What is tomographic motion detection?

Posted on Sunday, June 23rd, 2013 in security, sensors, wireless by the machinegeek

Recognizing the shortcomings of traditional PIR and ultrasonic sensors used in alarm systems, security researcher Connected Ape decided to explore other options. He discovered this patent for a mesh system of RF nodes, designed to detect the presence of humans based on changes in the baseline signal strength between nodes. While such commercial systems are more costly, their advantage is the ability to pass through walls, furniture and other obstructions. This principle is implemented using signals in the 2.4 GHz range, and is found in systems such as those from Xandem which use the TI CC2540 RF SoC.

You can find more information and links in the post at Cybergibbon’s blog.

This entry was posted on Sunday, June 23rd, 2013 at 2:00 pm and is filed under security, sensors, wireless. You can follow any responses to this entry through the RSS 2.0 feed. You can skip to the end and leave a response. Pinging is currently not allowed.

11 Responses to “What is tomographic motion detection?”

  1. Bertho says:

    So, building this baby, or a derivative, may get you into the patent wars. I think that DP should be very careful posting patent encumbered systems.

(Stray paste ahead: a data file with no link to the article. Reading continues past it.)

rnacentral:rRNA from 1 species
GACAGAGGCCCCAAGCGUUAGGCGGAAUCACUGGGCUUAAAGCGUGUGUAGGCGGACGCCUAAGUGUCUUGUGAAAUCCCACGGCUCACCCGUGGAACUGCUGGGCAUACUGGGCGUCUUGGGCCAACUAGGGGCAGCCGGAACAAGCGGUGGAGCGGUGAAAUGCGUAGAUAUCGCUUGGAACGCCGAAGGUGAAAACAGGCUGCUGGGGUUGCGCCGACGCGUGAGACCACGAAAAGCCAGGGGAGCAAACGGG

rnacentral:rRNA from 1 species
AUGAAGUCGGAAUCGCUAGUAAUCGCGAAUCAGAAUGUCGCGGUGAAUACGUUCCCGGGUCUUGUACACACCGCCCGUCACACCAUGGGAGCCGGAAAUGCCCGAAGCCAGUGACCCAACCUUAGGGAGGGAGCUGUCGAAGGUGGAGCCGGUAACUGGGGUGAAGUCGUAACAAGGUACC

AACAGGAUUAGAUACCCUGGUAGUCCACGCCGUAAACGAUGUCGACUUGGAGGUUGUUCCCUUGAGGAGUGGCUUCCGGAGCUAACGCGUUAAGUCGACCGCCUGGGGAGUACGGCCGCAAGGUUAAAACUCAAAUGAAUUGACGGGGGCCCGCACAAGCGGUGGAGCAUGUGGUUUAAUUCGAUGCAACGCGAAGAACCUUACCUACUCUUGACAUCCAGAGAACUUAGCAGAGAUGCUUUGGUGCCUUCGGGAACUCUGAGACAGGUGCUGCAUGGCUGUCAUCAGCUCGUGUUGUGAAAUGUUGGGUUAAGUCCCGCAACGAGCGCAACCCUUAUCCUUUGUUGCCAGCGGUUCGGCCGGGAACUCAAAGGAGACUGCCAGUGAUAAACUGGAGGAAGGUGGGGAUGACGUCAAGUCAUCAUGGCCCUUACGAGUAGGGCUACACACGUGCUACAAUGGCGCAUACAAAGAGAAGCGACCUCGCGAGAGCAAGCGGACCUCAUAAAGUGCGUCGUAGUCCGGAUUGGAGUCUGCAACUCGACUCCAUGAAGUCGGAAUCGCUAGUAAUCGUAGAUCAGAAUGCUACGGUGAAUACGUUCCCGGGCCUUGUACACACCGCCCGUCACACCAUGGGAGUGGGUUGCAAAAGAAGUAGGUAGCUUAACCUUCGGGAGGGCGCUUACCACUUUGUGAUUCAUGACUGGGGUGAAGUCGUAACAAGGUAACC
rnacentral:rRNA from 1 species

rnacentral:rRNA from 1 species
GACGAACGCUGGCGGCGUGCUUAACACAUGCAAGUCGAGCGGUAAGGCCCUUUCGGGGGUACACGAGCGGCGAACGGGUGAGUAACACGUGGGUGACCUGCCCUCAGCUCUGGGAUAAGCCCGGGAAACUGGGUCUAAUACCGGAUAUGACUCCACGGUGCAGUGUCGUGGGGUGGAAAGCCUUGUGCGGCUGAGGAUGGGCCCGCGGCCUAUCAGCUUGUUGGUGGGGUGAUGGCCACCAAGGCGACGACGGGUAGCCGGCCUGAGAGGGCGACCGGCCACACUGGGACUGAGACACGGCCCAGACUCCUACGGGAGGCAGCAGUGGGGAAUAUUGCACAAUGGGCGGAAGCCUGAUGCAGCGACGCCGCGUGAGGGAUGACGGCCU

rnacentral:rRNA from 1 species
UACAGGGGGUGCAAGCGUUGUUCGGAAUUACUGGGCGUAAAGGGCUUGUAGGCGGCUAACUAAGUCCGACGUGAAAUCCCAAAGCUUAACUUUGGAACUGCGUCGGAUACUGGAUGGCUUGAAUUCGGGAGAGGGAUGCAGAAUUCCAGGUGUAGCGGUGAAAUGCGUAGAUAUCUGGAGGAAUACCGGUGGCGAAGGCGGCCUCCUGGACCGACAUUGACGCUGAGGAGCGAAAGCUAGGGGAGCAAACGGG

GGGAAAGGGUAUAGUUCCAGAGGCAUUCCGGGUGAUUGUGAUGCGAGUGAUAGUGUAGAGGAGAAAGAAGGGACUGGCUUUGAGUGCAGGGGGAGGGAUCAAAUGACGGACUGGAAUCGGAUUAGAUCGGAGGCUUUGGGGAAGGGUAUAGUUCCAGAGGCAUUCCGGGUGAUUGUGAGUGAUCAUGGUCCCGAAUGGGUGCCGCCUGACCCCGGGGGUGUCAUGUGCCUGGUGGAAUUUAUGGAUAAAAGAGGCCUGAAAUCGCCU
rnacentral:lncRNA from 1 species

2. Tracy Hall says:

    Why not publish? A patent is the right to exploit commercially, not the right to keep secret. Courts have *long* affirmed the right to reproduce patented inventions in the lab. Selling a kit to recreate the invention *might* (it’s not entirely settled case law) be a problem, but building your own is entirely the *point* of the patent system – use one invention to lead to the creation of another.

  3. rfid says:

    Not quite as interesting as the WiFi gesture sensing but OK.

  4. Tracy Hall says:

    “Not quite as interesting as the WiFi gesture sensing…” ?!? This **is** WiFi gesture sensing – 2.4GHZ RF nodes….

  5. Alan says:

    Even if the detectors are great, the warning still needs to reach a human – and they need to respond.

  6. JBeale says:

    By the way you don’t need to do this at 2.4 GHz. The super-cheap baby monitor I got from Target, I believe in the 49 MHz band, has some distinctive interference noises that come and go depending on exactly where I’m standing. I assume related to various constructive / destructive inteference patterns at the 6 m wavelength it uses. I haven’t spent the time to investigate but seems like whatever is going on, could be used as a movement detector.

  7. cybergibbons says:

    I’ve been trying to get some samples to review, unfortunately Xandem aren’t obliging!

    Bertho – patents are very important for innovation. No point hiding them.

  8. CyberGibbons,

    We have no record of you requesting samples for review. I did offer to work out getting you a test system a while back, but you refused it due to lack of time. Just let me know if you have time now and we’ll figure something out.


    Matt Kankainen
    Xandem Technology

  9. Ronald Henderson says:

    Came upon this nice little article about TMD here

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